13 September 2013

Reflections On Ng Ser Miang's Bid For IOC President

The recent International Olympic Committee proceedings in Buenos Aires received considerable coverage by MediaCorp.

What did the proceedings involve?

▪ Choosing the host city for the 2020 Games from among Tokyo, Madrid and Istanbul.

▪ Choosing from among wrestling, squash and baseball which sport should be added to the 2020 and 2024 Games.

▪ Electing new members.

▪ Electing IOC executive board members.

▪ Electing IOC president.

I believe many Singaporeans had, at most, a passing interest in the outcome of the proceedings.

MediaCorp's deputy sports editor Tan Yo-Hinn and The Straits Times's sports editor Marc Lim spent several days in distant Buenos Aires to cover the proceedings.

Writing about the 10 September election of the IOC president, Mr Tan said that Singaporean Ng Ser Miang was widely regarded as one of the two main rivals of front-runner Thomas Bach.[1]

In another later article, Mr Tan wrote that Messrs Ng and Bach were the hottest names in Buenos Aires. "Depending on who [sic] you believe, either Germany's Thomas Bach or Singapore's Ng Ser Miang is the frontrunner..."[2]

He was completely wrong.

When the time came, Mr Ng finished joint last in the first round of voting and a distant third with six votes out of 93 votes in the second round.

Like probably many other people, I have not the slightest interest in whom the past IOC president was or whom the next IOC president is.
 
So what explains Singapore media's interest in the IOC presidential election that they could not rely on cheaper news feeds?

And why did Singapore's political establishment praise Mr Ng's campaign after he lost?[3]

Let's be clear. Mr Ng's quest to be IOC president is a personal matter. It had nothing to do with Singapore, other than he is Singaporean. Had he been elected, he would not be representing Singapore or Singapore National Olympic Council. Had he been elected, it would be Mr Ng in his personal capacity who would be IOC president, not Singapore.

Consider retiring IOC president Jacques Rogge. Did it matter to anyone — even the Belgians — that he is Belgian?

Do we feel so insignificant or so little that one citizen's private quest to be IOC president was made to seem like an endeavour of, or on behalf of, the country?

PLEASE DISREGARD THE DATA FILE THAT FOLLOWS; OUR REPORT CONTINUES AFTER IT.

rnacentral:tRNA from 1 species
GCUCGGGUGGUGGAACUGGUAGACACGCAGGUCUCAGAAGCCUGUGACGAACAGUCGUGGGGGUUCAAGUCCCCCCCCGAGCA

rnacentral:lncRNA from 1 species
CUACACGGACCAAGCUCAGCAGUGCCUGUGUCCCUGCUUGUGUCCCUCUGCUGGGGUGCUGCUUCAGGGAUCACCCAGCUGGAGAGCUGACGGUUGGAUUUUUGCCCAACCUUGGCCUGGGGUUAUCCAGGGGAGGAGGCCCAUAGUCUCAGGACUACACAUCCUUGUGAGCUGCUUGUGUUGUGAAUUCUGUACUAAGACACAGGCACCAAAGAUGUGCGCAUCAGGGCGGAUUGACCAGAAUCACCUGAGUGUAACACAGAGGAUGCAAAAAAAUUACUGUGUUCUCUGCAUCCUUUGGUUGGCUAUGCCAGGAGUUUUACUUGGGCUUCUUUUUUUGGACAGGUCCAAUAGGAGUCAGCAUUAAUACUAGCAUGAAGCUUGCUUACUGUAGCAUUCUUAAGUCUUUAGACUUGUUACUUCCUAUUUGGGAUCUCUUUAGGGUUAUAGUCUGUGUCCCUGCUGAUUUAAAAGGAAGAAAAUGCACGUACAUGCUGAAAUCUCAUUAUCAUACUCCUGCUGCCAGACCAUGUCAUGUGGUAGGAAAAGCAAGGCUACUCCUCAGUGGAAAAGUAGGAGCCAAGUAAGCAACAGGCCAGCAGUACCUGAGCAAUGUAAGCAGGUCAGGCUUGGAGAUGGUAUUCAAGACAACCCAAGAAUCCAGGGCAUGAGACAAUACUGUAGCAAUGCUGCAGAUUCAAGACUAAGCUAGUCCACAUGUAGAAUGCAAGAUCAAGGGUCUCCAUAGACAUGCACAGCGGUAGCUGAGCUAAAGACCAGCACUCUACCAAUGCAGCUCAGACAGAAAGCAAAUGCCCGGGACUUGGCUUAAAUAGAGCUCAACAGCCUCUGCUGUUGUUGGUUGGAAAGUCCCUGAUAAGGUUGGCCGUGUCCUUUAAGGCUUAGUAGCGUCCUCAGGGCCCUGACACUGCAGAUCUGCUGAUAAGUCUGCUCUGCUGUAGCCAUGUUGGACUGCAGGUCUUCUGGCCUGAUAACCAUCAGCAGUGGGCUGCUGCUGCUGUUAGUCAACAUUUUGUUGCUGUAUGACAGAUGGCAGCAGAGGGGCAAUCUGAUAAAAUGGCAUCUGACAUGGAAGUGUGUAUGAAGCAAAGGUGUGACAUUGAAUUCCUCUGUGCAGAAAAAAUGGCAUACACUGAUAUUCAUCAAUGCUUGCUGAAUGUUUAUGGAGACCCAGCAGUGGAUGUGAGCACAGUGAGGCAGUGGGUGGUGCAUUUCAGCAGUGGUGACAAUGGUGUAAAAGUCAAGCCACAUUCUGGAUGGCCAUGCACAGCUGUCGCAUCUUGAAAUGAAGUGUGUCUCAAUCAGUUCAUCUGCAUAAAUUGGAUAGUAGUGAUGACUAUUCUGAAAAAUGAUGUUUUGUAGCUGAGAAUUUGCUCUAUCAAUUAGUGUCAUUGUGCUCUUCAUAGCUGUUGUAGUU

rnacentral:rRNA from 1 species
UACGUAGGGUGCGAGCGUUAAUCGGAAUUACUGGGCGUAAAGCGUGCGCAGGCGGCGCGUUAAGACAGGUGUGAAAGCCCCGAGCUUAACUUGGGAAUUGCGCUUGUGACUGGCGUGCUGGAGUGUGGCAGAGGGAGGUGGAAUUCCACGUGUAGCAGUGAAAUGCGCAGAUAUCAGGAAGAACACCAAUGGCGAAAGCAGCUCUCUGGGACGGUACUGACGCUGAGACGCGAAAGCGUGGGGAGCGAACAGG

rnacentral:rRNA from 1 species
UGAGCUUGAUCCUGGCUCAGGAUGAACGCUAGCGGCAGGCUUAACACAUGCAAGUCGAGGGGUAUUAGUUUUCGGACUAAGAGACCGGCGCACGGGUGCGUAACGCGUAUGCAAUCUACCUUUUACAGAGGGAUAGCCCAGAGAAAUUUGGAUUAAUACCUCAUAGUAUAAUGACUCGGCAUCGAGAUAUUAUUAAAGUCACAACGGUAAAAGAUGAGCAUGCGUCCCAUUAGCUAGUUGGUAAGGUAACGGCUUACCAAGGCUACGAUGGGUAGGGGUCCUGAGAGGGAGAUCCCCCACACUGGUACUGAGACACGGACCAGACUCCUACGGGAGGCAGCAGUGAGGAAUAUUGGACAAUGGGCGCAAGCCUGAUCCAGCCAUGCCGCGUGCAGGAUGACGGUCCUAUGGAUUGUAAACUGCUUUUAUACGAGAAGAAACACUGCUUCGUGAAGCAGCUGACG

Perhaps, that is why some people resort to importing foreign athletes to win medals for Singapore, even when many citizens have no emotional bonding with imported foreign athletes nor an iota of pride in the medals won.

Mr Ng was chairman of the 2010 Youth Olympic Games Organising Committee, for which he was awarded the Meritorious Service Medal. The Games cost Singapore tax payers hundreds of millions of dollars to host.

Mr Ng is a director of Singapore Press Holdings Limited, which has a 20 per cent stake in MediaCorp TV Holdings Pte Ltd and a 40 per cent stake in MediaCorp Press Ltd, the publisher of TODAY. SPH publishes The Straits Times.

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Notes

1. Decision Time in Argentina TODAY 7 Sep 2013.

2. Ng, Bach the Hottest Names in Buenos Aires TODAY 9 Sep 2013.

3. IOC Vote: Strong Praise for Ng Despite Defeat The Straits Times 11 Sep 2013 12:28 am.


This article was updated on 14 Sep 2013 to include references to The Straits Times's sports editor Marc Lim, who was also in Buenos Aires, and other minor changes.

3 comments:

  1. One word : E G O ...

    I was told that Ng Ser Miang insisted on flying on personal jet when handling the Youth Olympics, citing this as a norm for such events. The public foot this bill.

    I'm sure that Ng's bid (including all his trips to curry flavor other countries to vote for him) were all paid by the public too.

    Funny, when it comes to sending athletes to Asian games for exposure / competition, we are so stingy. We only send if we're assured there's a chance of a medal.

    In this case, we got hood-winked by Ser Miang that he's a strong contendor and the Govt actually spent all these money on 1 single individual.

    Maybe Vivian can release another dossier ???

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  2. It seems reasonable to infer that the YOG fiasco was at the behest of Ng. The governmnent was keen to "prove" to critics that the extravaganza was worth it if Ng was elected. Indeed YOG would have featured in the running of the"good campaign" by him, to quote the PM. When everything seems to be falling apart in the little red dot the diversion offered by the media about the IOC election is a welcome relief with the possible reaping of the reflected glory if Ng won. Signs of desperation.

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  3. A front runner coming in a distant 3rd? Perhaps a reflection of GE2016.

    Ng can of course try for the much more lucrative Presidency of Singapore.

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